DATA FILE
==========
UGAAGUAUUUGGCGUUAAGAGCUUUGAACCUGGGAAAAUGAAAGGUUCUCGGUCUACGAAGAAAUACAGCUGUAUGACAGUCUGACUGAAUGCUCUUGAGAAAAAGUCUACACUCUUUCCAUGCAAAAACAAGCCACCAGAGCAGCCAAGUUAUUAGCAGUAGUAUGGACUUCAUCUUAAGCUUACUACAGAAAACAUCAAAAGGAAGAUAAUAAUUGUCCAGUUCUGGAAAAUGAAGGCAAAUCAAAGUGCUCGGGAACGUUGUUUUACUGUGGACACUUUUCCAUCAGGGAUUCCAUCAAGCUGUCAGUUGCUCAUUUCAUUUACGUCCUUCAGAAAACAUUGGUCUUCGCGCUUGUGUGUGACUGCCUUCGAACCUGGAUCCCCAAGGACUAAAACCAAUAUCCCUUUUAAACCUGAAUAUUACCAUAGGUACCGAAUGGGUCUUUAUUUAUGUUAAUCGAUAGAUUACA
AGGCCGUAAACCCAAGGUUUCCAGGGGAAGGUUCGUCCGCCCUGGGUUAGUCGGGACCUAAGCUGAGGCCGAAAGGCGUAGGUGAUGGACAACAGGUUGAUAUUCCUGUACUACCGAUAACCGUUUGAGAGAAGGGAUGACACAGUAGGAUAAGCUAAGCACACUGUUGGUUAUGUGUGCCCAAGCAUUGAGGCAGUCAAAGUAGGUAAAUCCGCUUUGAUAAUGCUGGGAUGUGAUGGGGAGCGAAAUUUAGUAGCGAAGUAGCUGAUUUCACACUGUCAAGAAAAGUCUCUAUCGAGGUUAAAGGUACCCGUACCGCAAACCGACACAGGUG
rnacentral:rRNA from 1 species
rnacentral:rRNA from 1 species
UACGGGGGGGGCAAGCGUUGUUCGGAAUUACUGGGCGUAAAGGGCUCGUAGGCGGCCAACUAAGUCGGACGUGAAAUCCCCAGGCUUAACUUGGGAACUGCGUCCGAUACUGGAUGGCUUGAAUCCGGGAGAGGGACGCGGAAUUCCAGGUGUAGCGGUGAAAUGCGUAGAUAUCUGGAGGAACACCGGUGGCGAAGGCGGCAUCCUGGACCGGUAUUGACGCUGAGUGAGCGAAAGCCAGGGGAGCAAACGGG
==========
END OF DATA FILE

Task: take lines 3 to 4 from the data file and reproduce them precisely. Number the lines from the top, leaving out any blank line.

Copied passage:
rnacentral:rRNA from 1 species
rnacentral:rRNA from 1 species